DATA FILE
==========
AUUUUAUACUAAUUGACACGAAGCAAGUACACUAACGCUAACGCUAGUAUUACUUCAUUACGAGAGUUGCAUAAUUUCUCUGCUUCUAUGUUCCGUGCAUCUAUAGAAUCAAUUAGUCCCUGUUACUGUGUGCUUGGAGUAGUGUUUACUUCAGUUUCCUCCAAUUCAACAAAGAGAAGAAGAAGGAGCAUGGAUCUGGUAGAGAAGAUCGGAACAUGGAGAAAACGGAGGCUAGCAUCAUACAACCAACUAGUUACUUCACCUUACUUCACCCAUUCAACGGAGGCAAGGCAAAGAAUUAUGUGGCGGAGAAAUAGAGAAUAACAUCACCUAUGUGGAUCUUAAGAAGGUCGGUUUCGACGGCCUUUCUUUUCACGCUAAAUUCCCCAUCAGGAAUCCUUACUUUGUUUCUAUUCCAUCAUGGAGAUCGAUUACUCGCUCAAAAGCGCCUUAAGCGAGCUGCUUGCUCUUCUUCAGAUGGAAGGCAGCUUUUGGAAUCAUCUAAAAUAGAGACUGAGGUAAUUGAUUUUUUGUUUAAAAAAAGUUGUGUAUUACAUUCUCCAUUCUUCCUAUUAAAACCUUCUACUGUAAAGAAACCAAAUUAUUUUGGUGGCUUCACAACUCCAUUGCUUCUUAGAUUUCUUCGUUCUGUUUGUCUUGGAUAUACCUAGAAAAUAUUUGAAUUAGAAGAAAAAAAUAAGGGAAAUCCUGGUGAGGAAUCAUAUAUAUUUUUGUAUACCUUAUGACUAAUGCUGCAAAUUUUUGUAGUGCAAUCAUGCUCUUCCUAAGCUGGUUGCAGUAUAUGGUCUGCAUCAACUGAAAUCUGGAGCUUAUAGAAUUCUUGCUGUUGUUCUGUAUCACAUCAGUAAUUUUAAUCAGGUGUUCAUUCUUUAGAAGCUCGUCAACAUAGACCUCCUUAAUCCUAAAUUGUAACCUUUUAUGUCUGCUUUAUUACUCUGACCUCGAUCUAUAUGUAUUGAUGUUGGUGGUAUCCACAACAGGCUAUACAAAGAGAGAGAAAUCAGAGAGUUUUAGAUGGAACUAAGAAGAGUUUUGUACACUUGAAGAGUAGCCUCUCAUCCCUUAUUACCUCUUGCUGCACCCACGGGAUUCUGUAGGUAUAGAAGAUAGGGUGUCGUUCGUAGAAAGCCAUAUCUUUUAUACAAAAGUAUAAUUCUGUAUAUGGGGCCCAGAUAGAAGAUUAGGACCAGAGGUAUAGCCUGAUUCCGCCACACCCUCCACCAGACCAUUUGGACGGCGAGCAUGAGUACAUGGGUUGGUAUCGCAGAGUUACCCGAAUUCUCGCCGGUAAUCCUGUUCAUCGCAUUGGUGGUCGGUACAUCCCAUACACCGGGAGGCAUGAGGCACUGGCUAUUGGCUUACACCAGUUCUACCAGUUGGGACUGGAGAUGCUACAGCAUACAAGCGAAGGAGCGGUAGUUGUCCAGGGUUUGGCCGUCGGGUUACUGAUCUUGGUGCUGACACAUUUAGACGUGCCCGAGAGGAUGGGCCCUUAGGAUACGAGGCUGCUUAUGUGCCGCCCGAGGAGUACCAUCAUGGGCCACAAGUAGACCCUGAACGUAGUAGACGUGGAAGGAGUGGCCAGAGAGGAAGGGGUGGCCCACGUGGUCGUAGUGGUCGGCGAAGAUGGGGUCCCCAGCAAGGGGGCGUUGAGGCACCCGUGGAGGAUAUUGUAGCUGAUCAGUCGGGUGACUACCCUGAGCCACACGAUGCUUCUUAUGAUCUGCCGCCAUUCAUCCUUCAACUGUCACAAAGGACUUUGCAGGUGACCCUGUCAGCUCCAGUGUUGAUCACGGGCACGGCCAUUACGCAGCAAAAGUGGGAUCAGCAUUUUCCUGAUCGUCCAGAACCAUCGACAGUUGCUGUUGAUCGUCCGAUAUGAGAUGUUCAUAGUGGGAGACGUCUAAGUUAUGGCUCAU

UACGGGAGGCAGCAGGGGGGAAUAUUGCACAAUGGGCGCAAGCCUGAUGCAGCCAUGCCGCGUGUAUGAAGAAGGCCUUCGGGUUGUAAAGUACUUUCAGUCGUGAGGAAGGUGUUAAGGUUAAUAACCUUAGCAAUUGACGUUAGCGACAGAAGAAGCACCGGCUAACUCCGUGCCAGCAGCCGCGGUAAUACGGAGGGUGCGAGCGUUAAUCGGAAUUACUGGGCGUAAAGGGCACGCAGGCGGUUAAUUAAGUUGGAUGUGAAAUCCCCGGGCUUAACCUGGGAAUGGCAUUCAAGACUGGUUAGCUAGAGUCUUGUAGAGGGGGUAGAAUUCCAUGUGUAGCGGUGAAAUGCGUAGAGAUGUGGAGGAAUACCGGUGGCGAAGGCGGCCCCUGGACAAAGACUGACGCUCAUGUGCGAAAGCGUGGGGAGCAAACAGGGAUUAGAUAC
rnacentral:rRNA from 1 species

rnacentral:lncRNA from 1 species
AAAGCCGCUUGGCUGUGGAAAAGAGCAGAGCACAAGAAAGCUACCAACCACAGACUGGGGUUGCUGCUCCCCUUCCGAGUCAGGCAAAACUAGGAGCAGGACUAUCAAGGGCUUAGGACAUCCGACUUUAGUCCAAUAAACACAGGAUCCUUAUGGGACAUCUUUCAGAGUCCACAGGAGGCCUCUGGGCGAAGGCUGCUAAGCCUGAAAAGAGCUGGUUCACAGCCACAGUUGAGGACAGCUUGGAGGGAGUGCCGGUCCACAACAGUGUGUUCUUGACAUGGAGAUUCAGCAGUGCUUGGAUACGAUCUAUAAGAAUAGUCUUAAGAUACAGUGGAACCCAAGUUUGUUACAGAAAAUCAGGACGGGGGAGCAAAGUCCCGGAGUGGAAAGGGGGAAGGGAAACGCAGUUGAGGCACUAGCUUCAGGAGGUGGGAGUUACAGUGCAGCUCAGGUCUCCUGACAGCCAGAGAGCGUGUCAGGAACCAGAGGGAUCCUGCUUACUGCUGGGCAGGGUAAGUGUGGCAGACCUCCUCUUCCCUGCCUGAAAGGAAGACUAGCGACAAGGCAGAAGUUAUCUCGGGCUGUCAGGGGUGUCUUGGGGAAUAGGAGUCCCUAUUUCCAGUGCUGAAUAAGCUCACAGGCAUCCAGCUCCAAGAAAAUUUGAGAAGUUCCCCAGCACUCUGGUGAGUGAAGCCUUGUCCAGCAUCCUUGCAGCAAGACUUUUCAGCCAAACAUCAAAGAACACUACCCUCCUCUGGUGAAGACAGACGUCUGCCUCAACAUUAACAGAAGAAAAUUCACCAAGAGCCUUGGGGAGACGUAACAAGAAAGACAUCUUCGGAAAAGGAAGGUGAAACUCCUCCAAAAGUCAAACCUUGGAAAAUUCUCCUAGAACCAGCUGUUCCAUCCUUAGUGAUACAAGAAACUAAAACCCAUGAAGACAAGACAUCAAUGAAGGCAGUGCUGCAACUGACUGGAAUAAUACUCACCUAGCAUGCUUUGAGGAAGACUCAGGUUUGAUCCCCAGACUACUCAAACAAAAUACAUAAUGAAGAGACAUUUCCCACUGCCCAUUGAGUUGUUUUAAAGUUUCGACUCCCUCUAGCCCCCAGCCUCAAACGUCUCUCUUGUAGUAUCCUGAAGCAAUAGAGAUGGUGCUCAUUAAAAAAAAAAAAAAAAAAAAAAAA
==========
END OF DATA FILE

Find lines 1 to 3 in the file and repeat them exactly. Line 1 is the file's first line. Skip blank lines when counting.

AUUUUAUACUAAUUGACACGAAGCAAGUACACUAACGCUAACGCUAGUAUUACUUCAUUACGAGAGUUGCAUAAUUUCUCUGCUUCUAUGUUCCGUGCAUCUAUAGAAUCAAUUAGUCCCUGUUACUGUGUGCUUGGAGUAGUGUUUACUUCAGUUUCCUCCAAUUCAACAAAGAGAAGAAGAAGGAGCAUGGAUCUGGUAGAGAAGAUCGGAACAUGGAGAAAACGGAGGCUAGCAUCAUACAACCAACUAGUUACUUCACCUUACUUCACCCAUUCAACGGAGGCAAGGCAAAGAAUUAUGUGGCGGAGAAAUAGAGAAUAACAUCACCUAUGUGGAUCUUAAGAAGGUCGGUUUCGACGGCCUUUCUUUUCACGCUAAAUUCCCCAUCAGGAAUCCUUACUUUGUUUCUAUUCCAUCAUGGAGAUCGAUUACUCGCUCAAAAGCGCCUUAAGCGAGCUGCUUGCUCUUCUUCAGAUGGAAGGCAGCUUUUGGAAUCAUCUAAAAUAGAGACUGAGGUAAUUGAUUUUUUGUUUAAAAAAAGUUGUGUAUUACAUUCUCCAUUCUUCCUAUUAAAACCUUCUACUGUAAAGAAACCAAAUUAUUUUGGUGGCUUCACAACUCCAUUGCUUCUUAGAUUUCUUCGUUCUGUUUGUCUUGGAUAUACCUAGAAAAUAUUUGAAUUAGAAGAAAAAAAUAAGGGAAAUCCUGGUGAGGAAUCAUAUAUAUUUUUGUAUACCUUAUGACUAAUGCUGCAAAUUUUUGUAGUGCAAUCAUGCUCUUCCUAAGCUGGUUGCAGUAUAUGGUCUGCAUCAACUGAAAUCUGGAGCUUAUAGAAUUCUUGCUGUUGUUCUGUAUCACAUCAGUAAUUUUAAUCAGGUGUUCAUUCUUUAGAAGCUCGUCAACAUAGACCUCCUUAAUCCUAAAUUGUAACCUUUUAUGUCUGCUUUAUUACUCUGACCUCGAUCUAUAUGUAUUGAUGUUGGUGGUAUCCACAACAGGCUAUACAAAGAGAGAGAAAUCAGAGAGUUUUAGAUGGAACUAAGAAGAGUUUUGUACACUUGAAGAGUAGCCUCUCAUCCCUUAUUACCUCUUGCUGCACCCACGGGAUUCUGUAGGUAUAGAAGAUAGGGUGUCGUUCGUAGAAAGCCAUAUCUUUUAUACAAAAGUAUAAUUCUGUAUAUGGGGCCCAGAUAGAAGAUUAGGACCAGAGGUAUAGCCUGAUUCCGCCACACCCUCCACCAGACCAUUUGGACGGCGAGCAUGAGUACAUGGGUUGGUAUCGCAGAGUUACCCGAAUUCUCGCCGGUAAUCCUGUUCAUCGCAUUGGUGGUCGGUACAUCCCAUACACCGGGAGGCAUGAGGCACUGGCUAUUGGCUUACACCAGUUCUACCAGUUGGGACUGGAGAUGCUACAGCAUACAAGCGAAGGAGCGGUAGUUGUCCAGGGUUUGGCCGUCGGGUUACUGAUCUUGGUGCUGACACAUUUAGACGUGCCCGAGAGGAUGGGCCCUUAGGAUACGAGGCUGCUUAUGUGCCGCCCGAGGAGUACCAUCAUGGGCCACAAGUAGACCCUGAACGUAGUAGACGUGGAAGGAGUGGCCAGAGAGGAAGGGGUGGCCCACGUGGUCGUAGUGGUCGGCGAAGAUGGGGUCCCCAGCAAGGGGGCGUUGAGGCACCCGUGGAGGAUAUUGUAGCUGAUCAGUCGGGUGACUACCCUGAGCCACACGAUGCUUCUUAUGAUCUGCCGCCAUUCAUCCUUCAACUGUCACAAAGGACUUUGCAGGUGACCCUGUCAGCUCCAGUGUUGAUCACGGGCACGGCCAUUACGCAGCAAAAGUGGGAUCAGCAUUUUCCUGAUCGUCCAGAACCAUCGACAGUUGCUGUUGAUCGUCCGAUAUGAGAUGUUCAUAGUGGGAGACGUCUAAGUUAUGGCUCAU

UACGGGAGGCAGCAGGGGGGAAUAUUGCACAAUGGGCGCAAGCCUGAUGCAGCCAUGCCGCGUGUAUGAAGAAGGCCUUCGGGUUGUAAAGUACUUUCAGUCGUGAGGAAGGUGUUAAGGUUAAUAACCUUAGCAAUUGACGUUAGCGACAGAAGAAGCACCGGCUAACUCCGUGCCAGCAGCCGCGGUAAUACGGAGGGUGCGAGCGUUAAUCGGAAUUACUGGGCGUAAAGGGCACGCAGGCGGUUAAUUAAGUUGGAUGUGAAAUCCCCGGGCUUAACCUGGGAAUGGCAUUCAAGACUGGUUAGCUAGAGUCUUGUAGAGGGGGUAGAAUUCCAUGUGUAGCGGUGAAAUGCGUAGAGAUGUGGAGGAAUACCGGUGGCGAAGGCGGCCCCUGGACAAAGACUGACGCUCAUGUGCGAAAGCGUGGGGAGCAAACAGGGAUUAGAUAC
rnacentral:rRNA from 1 species